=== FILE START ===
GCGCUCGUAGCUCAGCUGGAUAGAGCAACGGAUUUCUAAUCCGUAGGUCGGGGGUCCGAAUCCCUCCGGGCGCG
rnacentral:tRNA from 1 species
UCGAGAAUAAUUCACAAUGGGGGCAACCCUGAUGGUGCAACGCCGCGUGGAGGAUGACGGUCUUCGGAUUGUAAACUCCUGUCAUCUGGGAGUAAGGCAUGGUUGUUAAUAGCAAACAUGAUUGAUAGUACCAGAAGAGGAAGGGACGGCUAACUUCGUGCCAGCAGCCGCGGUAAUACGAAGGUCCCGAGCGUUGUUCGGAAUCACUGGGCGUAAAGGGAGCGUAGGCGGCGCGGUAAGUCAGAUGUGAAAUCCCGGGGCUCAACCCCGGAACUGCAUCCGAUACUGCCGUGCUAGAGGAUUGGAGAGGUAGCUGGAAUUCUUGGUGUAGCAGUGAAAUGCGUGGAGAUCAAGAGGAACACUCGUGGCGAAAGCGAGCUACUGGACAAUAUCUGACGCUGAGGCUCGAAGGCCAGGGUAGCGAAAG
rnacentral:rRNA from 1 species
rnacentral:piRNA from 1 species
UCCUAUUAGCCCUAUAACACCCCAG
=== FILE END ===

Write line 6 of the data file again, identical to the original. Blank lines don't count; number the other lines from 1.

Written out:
UCCUAUUAGCCCUAUAACACCCCAG